Sequence numbers are used in reliable network protocols (such as TCP ) in order to implement a complete transmission in the correct order and without duplicates (i.e. a data stream ). Sequence numbers are also used in databases and operating systems to secure atomic operations .
Sequence numbers are a trivial form of the Logical Clock : They provide a means by which messages can be sorted according to their causality . However, only one actor is taken into account - if the causality is decisive for the overall system of all communication partners (as with some reliable multicast protocols), more complex logic clocks must be used, such as the Lamport clock or vector clocks .
From the sequence numbers of the previous packets, the recipient knows which sequence number the next incoming packet should have. If a message with a lower sequence number is received, it is rejected because it has already been received once. If a message with a higher sequence number is received, this and all subsequent messages with an even higher sequence number are stored in a buffer. The messages from the buffer are only processed when the message has arrived with the correct sequence number.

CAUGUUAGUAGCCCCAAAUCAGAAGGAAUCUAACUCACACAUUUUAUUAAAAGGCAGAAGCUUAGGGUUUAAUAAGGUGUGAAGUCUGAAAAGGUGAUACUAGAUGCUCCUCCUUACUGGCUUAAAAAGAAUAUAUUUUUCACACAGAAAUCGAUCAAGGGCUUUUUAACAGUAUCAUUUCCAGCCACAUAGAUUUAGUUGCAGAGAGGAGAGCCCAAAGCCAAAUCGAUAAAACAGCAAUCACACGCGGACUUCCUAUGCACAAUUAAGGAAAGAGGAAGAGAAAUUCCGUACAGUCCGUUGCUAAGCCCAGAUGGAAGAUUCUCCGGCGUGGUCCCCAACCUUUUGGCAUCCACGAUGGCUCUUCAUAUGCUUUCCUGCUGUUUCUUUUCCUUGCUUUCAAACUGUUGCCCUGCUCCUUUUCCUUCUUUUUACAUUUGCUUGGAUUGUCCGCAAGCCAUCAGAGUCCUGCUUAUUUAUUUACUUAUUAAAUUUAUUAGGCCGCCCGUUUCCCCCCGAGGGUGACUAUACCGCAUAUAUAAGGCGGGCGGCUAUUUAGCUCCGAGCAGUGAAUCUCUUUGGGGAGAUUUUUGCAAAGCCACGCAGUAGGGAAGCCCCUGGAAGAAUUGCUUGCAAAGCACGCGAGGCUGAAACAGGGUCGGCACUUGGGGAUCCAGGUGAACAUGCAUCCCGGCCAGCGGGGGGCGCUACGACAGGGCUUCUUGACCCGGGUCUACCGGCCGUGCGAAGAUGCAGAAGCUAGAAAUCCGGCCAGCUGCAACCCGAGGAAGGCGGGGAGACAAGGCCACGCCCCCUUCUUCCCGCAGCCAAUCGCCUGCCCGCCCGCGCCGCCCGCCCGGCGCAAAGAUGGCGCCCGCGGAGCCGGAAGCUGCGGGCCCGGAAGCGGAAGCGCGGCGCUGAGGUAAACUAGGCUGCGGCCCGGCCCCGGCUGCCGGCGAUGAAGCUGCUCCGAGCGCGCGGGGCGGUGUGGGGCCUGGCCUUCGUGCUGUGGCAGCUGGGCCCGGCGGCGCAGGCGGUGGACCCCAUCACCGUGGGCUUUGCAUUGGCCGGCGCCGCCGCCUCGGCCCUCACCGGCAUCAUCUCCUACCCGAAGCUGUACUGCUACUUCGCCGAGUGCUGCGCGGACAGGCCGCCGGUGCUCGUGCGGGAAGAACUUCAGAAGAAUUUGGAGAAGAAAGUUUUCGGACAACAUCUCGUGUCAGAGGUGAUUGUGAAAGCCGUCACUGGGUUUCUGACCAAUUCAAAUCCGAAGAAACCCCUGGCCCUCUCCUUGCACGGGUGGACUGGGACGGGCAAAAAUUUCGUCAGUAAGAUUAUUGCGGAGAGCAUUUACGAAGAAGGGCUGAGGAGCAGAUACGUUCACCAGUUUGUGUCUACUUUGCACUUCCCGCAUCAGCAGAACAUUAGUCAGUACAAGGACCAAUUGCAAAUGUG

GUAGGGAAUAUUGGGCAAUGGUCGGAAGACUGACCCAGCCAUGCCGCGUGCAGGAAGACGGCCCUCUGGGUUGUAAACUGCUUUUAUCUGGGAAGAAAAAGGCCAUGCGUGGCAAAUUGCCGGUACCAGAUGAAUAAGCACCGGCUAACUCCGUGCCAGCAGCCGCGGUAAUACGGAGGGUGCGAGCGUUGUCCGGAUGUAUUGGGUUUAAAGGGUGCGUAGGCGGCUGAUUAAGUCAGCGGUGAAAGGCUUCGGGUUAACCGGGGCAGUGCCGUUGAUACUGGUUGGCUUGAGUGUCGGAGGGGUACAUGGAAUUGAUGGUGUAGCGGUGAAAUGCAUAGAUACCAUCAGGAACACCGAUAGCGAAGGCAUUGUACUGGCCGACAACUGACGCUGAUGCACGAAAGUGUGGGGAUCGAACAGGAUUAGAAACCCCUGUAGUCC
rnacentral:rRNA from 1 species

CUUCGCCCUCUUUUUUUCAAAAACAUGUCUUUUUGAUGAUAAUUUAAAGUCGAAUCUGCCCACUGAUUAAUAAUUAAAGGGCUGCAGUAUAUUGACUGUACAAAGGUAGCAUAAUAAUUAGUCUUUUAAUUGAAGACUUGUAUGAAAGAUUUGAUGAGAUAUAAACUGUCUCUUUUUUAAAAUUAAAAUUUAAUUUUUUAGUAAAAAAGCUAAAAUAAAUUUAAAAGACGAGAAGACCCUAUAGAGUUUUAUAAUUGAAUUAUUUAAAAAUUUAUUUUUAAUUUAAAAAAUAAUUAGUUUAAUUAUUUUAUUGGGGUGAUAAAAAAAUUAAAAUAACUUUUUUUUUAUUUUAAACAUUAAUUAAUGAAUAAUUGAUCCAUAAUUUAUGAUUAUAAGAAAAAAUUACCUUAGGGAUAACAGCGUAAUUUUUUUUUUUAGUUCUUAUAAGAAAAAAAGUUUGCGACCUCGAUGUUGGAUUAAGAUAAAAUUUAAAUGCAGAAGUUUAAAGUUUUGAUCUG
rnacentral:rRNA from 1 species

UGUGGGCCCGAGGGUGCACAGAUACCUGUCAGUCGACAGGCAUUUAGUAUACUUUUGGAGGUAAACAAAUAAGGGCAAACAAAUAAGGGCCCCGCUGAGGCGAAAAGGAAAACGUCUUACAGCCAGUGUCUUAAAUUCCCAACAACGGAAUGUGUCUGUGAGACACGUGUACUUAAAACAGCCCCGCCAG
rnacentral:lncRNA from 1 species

If no message with the desired sequence number arrives within a certain period of time, the sender is asked to send this message again. If the requested message still does not arrive after a certain number of queries, communication is broken off with an error message.
Calculation of the sequence number space
Since one of the overhead by the sequence numbers in the packet header would like to minimize, one determines the size of the sequence number space by the following formula . Explanation of the parameters:
- n denotes the number of bits in the sequence number space
- MPL is the maximum packet lifetime in seconds
- T is the maximum time in which a retransmission is carried out
- A is the maximum time before the recipient sends an acknowledgment after receiving the data
- R the maximum transmission rate of the sender (packets / second).